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India, China Target Cheaper Potash As Cartel Cracks
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Potash buyers India and China are seeking aggressive price cuts of 25 per cent or more as they press their advantage over producers after the collapse of a major cartel.
Russia's Uralkali rocked the global potash market late last month when it quit one of the world's two big cartels and forecast prices of the crop nutrient could fall to $300 a tonne.
India is aiming for an 11 per cent discount off already agreed deals for the rest of 2013 -- saving $90 million-plus -- citing a weaker rupee and a trade-off between price and future sales growth.
China wants to pay less than $300 a tonne for new contracts for the second half of 2103 and 2014, down sharply from $400 a tonne in the first half and $470 last year, pointing to its high stocks of the fertiliser and rising domestic output.
"Prices above $300 will not be accepted by Chinese buyers, who are now facing high inventories at home and sluggish sales," Wei Chengguang, chairman of China Potassium Salts Industrial Association, told Reuters.
"Chinese importers have been losing money in the first half and last year from high import prices," he added.
China and India are two of the world's biggest users of the crop nutrient. China imports about half of the 10-11 million tonnes it uses each year. Potash use in India, which relies on imports, has slumped from about 6 million tonnes to 3.5 million tonnes due to rising prices.
Uralkali's decision to abandon Belarussian partner Belaruskali in the BPC cartel and boost its sales has encouraged buyers to expect increased production and greater competition.
"Uralkali will ignore pricing parameters and will try to maximize production and sales volumes, trying to raise its share in the markets where the company has competitive pricing advantage - India, China, Brazil," chief executive Vladislav Baumgertner said at the time.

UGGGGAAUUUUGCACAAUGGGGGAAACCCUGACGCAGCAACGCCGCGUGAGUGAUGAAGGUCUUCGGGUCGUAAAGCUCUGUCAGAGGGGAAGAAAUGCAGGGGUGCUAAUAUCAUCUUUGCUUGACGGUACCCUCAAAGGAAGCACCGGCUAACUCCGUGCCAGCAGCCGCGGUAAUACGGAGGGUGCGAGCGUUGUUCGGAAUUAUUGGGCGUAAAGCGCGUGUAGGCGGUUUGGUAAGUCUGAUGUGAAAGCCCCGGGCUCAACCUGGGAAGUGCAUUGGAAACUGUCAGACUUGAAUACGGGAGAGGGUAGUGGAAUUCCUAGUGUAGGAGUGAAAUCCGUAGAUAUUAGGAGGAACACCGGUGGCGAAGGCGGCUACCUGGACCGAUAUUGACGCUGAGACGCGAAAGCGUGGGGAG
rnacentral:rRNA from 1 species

The BPC and North American Canpotex cartels accounted for nearly 70 percent of global potash sales.
Spot prices have slipped up to $50 in Brazil to $390 a tonne, while Uralkali has cut its potash price to China by $20 a tonne, Scotiabank analyst Ben Isaacson said in a research note.
India, which agreed in February to buy nearly 4 million tonnes of potash in 2013 at $427 per tonne on a cost and freight (CFR) basis, is seeking a discount for the more than half of the contracted nutrient which has yet to be landed at ports.
"We had asked for reduction to compensate 11 percent weakening of rupee," P.S. Gahlaut, managing director at top potash importer Indian Potash Ltd (IPL), told Reuters in a text message.
"So far no confirmation (from sellers), but we are hopeful," said Gahlaut, who has been leading negotiations with potash suppliers on behalf of Indian buyers.
The Indian rupee has fallen more than 10 percent against the U.S. dollar since companies signed potash imports deals in February and is trading around record lows.
An official with a leading Indian co-operative fertiliser company said he expected most sellers would offer a discount to India in order to win new contracts.
"There is competition among sellers. India is asking to dispatch at $380 per tonne, but the way inventory is building up at the seller's end, I don't think they will have any problem in accepting this price," the official said.
Uralkali and Potash Corp of Saskatchewan <POT.TO> declined to comment on possible negotiations with India, but an industry source at a producer outside Canpotex and the former BPC cartel discounted talk of price cuts.
"I can't see India getting any reduction in prices on existing contracts," the source said.
There had been a lot of "noise" from India on re-negotiating prices and, in one case, a buyer contacted the firm to seek lower prices but did not send in an official request, he said.
A Russian industry source said the pricing of a signed potash contract had never been changed in the past. But the source pointed to a possible precedent in the phosphate market, when Phosagro agreed in 2011 to a discount on its contract with India in return for a pledge to purchase higher volumes.
India has said its potash consumption, which has been squeezed by higher prices, could return to levels around 6 million tonnes a year last seen in 2008/09 if suppliers made big price cuts.
However, Chinese officials said its push for lower prices would not be linked to increased purchases.
China's domestic potash output would exceed 6 million tonnes in 2013, up from about 5.4 million tonnes in 2011, while domestic stocks would rise above 5 million tonnes.
"Even with the price fall, I don't expect China to increase imports because of large inventories, while domestic production has been expanding. Imports should decrease gradually on a year basis," said the industry association's Wei.